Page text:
Revolution Review: Where are all the lawyers?

JJ Abrams has made some incredible television (in addition to a fantastic reboot of the Star Trek movies), even if those series don’t always have strong endings (I’m looking at you, Lost).  And Revolution could be the latest in his string of great shows. Of course, watching this show requires me to get over my dislike of post-apocalyptic shows and books, a dislike that may be based in part on the fact that sci fi references to apocalypses often refer to all the lawyers being killed. (On the plus side, io9 just had an encouraging piece on nine predicted disasters that never came to pass…thank goodness.)

Below are my initial impressions of the show and where it could go.

Hunger Games

First, JJ clearly has a thing for attractive, young female leads with long, brown hair.  Charlie is no exception.  While I appreciate her use of a crossbow (and the possible nod to Hunger Games), I’m reserving judgment on whether she’s going to be closer to a Kate (so close but her potential was never realized) or a Sydney (only slightly less cool than Spy Mom and Spy Dad).  [Side complaint: Jennifer Garner was so awesome as a bad-ass secret agent.  Why does she only play saccharine-sweet characters now?]

Second, Miles is really good at killing people, but apparently a poor judge of character (given his previous connection to the mysterious General Monroe).

Third, watching Grace use a computer (while possessing an inhaler) was certainly intriguing.  It was very reminiscent of Lost, but if this foreshadows another dive into the muddled mix of science versus religion with no good answers, I am not sticking around for another cop-out ending.  Plus, if she’s part of a some super-secret group who can still use computers, is she really dumb enough to so easily get caught in a lie?  Or did she want Danny to be recaptured?

Little House on the Prairie

Fourth, and finally, are there any lawyers left? This first episode obviously set up a world in which much of what we take for granted in today’s world is gone and everyone is living a life more familiar to Laura Ingalls Wilder than most Americans living today.  But there were lawyers in Laura’s day – and for many centuries before that.  Criminal rights, property rights, the resolution of many disputes among adults and businesses…these are all reasons why lawyers are needed, with or without electricity.

Of course, lawyers need a stable system in which to operate and the impression I got from most of the episode was that there was very little government structure left.  But by the end of the episode it was clear that the mysterious General Monroe clearly controlled a large organization and, bad or good, he could still use the assistance of lawyers.  Plus, Miles made reference to other republics, which implies that there were still ruling structures in place.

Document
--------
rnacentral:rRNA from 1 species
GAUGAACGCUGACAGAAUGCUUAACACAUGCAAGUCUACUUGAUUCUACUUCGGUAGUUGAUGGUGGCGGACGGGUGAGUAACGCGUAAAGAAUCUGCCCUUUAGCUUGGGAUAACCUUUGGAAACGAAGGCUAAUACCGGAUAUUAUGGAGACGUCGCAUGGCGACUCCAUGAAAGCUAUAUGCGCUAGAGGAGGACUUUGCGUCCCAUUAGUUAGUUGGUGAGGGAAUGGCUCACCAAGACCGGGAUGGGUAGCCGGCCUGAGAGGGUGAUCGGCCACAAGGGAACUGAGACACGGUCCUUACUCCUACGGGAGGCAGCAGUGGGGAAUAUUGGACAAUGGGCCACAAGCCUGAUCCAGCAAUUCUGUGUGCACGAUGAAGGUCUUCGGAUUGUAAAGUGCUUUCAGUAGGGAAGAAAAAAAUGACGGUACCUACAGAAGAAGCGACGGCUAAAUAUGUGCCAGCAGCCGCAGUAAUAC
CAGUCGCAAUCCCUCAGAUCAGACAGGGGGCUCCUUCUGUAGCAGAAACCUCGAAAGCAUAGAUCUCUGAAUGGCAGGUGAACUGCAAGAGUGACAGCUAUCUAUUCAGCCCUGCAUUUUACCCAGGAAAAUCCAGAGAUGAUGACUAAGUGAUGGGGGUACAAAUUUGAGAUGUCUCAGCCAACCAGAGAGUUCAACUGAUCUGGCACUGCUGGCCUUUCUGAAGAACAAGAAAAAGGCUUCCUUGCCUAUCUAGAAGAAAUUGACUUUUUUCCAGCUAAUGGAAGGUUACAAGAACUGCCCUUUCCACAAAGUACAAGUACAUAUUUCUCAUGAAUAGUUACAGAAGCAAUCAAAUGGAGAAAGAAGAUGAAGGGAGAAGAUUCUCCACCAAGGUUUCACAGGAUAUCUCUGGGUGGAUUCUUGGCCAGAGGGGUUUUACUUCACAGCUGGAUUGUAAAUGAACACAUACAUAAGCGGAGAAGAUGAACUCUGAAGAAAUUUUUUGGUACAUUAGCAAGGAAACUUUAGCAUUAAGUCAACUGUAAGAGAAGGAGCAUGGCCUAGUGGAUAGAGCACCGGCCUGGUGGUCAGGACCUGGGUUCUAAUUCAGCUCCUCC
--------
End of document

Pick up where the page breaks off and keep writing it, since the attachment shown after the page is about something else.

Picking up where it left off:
Revolution is obviously a mystery.  What caused the blackout?  Why was there a blackout?  Why can Grace (and mysterious “others“) still use electricity and access computers?  But part of the attraction is also imagining what would happen if we all instantly regressed a hundred years, give or take a decade.  Would we still keep some of the principles that have always been so important to this country – the ideas behind the constition; the belief that we are a nation of laws, not of men?  And, if there were still laws, would we recognize them?  We’re only one episode in, so I’m sure the questions will continue to build, but I’m interested to see how they answer some of these questions (especially about how the societies are governed).  And they’d better not wait too long to give us some answers!

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Jessica has been litigating business and IP disputes for the past decade. During that time, she’s dealt with clients, lawyers, and judges who have varying degrees of appreciation for the challenges of managing discovery in an electronic age. Until the fall of 2011, she was an attorney at a large, Texas-based law firm, where she represented clients in state and federal court nationwide. That fall, she made a long-desired move back to the Midwest and is now a partner at Hansen Reynolds Dickinson Crueger LLC, a litigation boutique based in Milwaukee, Wisconsin, where she continues to litigate while also consulting with business and law firms on e-discovery issues (before, during, and after litigation arises).


  1. One more thing, if we are to believe the show’s premise that all devices that run on electricity were rendered inoperable (except for those used by the few, with the locket) and there was no way to generate electricity; that would mean that most atoms on Earth were somehow stripped of their electrons and, if that were the case, matter as we know it would cease to exist. Without electrons, there would be no covalent bonding and all matter would simple dissolve into protons and neutrons. Even if matter somehow stayed together, all complex animals would die because their nervous systems would stop functioning. All that would be left on Earth would be some microorganisms and maybe some fungi. Now that would make compelling television.